Finally, Twitter (along with other online social media platforms) has proven itself to help in the proliferation of work. Melissa Terras’s “The Impact of Social Media on the Dissemination of Research: Results of an Experiment” documents and outlines the positive influence sharing her open-access work via Twitter and blog-posts had on the rate at which her works were downloaded. Terras realized that the papers she tweeted and blogged about had more than eleven times the number of downloads than the papers she did not broadcast. Based on these findings, it seems that Twitter (and other platforms) can help to share open-access work. People need to be told what your work is and where to find it. This can be a great method for graduate students to develop a presence both online and within their disciplinary field.
Humanities Commons 8
Last December, the MLA’s Office of Scholarly Communication launched the beta version of Humanities Commons. It has since grown and currently hosts over ten-thousand members and over three-thousand open-access documents. Humanities Commons (HC) can be an incredibly helpful digital platform for graduate students who would like to share and find open-access scholarly work and network with other humanities scholars across the globe. On HC, I’ve been able to create a professional profile page which contains information about my research interests and the upcoming conferences I plan to attend. Along with this profile, I built a personal webpage and a site for the upcoming Stony Brook English Graduate Conference. There are also a number of discipline-specific discussion groups on HC where members can join, discuss issues within their field, and share upcoming events and CFP’s. These digital tools have allowed me to connect with other likeminded graduate students and professors and alt-ac career professionals whose work I admire. One really great benefit of having an HC profile is that I can find others going to conferences that I’m planning to attend, thus mitigating the anxiety which tends to accompany going to a conference alone.
As it is Open Access week, I’d also like to highlight HC’s repository for open access resources, CORE. HC members can deposit any scholarly materials they’d like into CORE, including (but not limited to) articles, syllabi, podcasts, films, interviews, and blog-posts. Anyone (you don’t need an HC account) can find, read, and download these materials. Graduate students who are currently teaching (or preparing to teach) may find the collection of syllabi especially helpful. 9 Although I haven’t yet taught my own class at Stony Brook yet, I’ve found looking through the syllabi enlightening. For example, over the Summer, I wanted to learn more about digital humanities and found a number of DH syllabi. Reading these syllabi allowed me to find some key texts and foundational questions within the field.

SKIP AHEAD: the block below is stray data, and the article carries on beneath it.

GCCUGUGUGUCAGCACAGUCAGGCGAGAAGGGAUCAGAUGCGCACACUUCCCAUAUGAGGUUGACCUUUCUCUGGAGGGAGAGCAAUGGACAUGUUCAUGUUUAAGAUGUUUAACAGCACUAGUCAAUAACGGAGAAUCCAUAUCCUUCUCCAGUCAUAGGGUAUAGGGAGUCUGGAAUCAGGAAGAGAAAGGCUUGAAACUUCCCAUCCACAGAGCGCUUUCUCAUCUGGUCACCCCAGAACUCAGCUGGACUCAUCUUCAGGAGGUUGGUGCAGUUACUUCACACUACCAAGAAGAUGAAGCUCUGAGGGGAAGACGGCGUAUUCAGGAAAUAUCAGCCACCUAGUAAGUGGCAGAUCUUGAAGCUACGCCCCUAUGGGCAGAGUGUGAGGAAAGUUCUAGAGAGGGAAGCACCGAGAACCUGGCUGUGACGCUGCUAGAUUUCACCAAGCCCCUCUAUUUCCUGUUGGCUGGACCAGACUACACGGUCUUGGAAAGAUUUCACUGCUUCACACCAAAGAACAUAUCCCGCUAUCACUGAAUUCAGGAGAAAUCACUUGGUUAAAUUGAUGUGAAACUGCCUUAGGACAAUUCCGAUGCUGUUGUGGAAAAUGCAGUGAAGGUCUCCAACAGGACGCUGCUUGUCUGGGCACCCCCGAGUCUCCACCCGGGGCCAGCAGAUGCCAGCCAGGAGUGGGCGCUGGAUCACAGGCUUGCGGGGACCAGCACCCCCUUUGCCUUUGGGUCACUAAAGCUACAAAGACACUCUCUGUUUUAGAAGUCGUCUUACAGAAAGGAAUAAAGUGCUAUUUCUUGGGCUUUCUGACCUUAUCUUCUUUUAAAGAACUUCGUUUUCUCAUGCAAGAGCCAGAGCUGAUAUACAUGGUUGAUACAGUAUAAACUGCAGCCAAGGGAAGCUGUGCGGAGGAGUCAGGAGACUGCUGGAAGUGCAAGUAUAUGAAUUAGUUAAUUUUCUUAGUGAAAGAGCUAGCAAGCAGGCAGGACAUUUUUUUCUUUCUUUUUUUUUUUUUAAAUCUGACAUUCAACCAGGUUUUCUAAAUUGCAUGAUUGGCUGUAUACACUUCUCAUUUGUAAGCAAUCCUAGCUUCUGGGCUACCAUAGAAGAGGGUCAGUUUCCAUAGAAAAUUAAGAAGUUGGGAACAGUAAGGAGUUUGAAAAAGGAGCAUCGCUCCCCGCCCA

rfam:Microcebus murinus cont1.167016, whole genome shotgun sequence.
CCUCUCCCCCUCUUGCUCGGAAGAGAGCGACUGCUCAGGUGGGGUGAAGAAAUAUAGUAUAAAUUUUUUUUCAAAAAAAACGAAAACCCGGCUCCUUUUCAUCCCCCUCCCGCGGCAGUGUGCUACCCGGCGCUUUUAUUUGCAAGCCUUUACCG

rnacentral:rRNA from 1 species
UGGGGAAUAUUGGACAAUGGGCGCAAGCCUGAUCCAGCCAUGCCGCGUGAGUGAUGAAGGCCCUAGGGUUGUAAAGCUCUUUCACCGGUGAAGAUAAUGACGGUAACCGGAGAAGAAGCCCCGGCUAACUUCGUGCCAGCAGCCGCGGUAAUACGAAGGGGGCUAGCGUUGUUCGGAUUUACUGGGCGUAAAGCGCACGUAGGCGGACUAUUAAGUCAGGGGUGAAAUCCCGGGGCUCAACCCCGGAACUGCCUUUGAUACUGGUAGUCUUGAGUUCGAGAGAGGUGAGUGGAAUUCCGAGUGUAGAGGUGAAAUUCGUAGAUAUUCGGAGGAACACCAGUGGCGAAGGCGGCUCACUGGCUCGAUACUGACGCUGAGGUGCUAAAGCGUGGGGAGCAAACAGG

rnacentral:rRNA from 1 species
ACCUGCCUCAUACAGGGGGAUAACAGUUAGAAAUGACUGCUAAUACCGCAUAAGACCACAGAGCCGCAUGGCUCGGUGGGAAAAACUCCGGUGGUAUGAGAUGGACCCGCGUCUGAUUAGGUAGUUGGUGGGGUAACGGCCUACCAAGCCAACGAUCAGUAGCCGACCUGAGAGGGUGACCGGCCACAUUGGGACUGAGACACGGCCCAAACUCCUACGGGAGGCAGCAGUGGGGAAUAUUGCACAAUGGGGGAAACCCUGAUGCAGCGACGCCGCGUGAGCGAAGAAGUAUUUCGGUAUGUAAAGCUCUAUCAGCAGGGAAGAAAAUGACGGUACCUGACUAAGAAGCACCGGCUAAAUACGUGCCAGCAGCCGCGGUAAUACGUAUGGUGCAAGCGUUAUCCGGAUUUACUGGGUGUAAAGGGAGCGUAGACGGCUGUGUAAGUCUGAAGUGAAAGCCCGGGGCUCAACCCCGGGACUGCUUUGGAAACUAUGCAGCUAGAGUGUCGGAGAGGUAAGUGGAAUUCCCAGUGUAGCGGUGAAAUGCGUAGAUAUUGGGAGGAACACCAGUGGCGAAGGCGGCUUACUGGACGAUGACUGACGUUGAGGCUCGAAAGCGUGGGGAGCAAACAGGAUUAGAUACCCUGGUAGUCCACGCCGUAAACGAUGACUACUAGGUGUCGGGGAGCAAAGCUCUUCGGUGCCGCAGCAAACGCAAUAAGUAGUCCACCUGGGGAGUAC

By joining HC, you’ll not only help yourself, but you’ll also help to support a digital space for humanities scholars that has been created by humanities scholars. Academia.edu, a more popular platform that claims to offer similar services, is not an educationally-affiliated program, despite its misleading “.edu” label. Rather than providing a network dedicated to scholarly communication and open access materials, it is built to turn a profit off of the data and work uploaded to their system. Currently, Academia.edu has openly monetized the community by creating “premium accounts” and a paywalled search feature. 10 Despite Academia.edu’s problematic goals, many academics feel as though they need to stay, because this is where “everybody” can be found online. 11 However, if everyone moved elsewhere (for example, to HC), perhaps the humanities community wouldn’t feel so stuck.
*This post was originally published on the “EGL 608: Digital Humanities” blog on October 24, 2017.
- Borgman, Christine L. Quoted in Wendy Pradt Lougee’s “Scholarly Communication and Libraries Unbound: The Opportunity of the Commons,” Understanding Knowledge as a Commons: From Theory to Practice, pp. 312. ↩
- Lougee, Wendy Pradt. “Scholarly Communication and Libraries Unbound: The Opportunity of the Commons,” Understanding Knowledge as a Commons: From Theory to Practice, pp. 314-5 ↩
- This is odd considering that the public helps to fund education and universities, these universities employ academics, these academics perform free labor in writing articles for journals to publish, the journals profit off of this labor and then guard the knowledge from outsiders ↩
- Sample, Mark. “The Digital Humanities is Not About Building, It’s About Sharing” ↩
- Lougee, Wendy Pradt. “Scholarly Communication and Libraries Unbound: The Opportunity of the Commons,” Understanding Knowledge as a Commons: From Theory to Practice, pp. 319-20 ↩
- There are a ton of incredibly fun academic accounts. Here are a few of my favorites: @academicpain, @academiaobscura, @GrumpyJReviewer, @DH_wrestling, @legogradstudent, @fakeacademstats, and @AcademicsSay ↩
- Ash Darrow provides a great introduction to the weird world of academic Gothic Twitter in his blog post, “Getting to Know Your Friendly, Neighborhood Gothic Scholars.” ↩
- Full disclosure: I interned with the MLA’s Office of Scholarly Communication this Summer, so my love and passion for HC is a bit biased. ↩
- There are currently 124 syllabi in the CORE repository. ↩
- For further discussion on Academia.edu (and alternatives), check out Sarah Bond’s “Dear Scholars, Delete Your Account at Academia.edu” and Kathleen Fitzpatrick’s “Academia, Not Edu.” ↩
- Fitzpatrick, Kathleen. “Academia, Not Edu.” ↩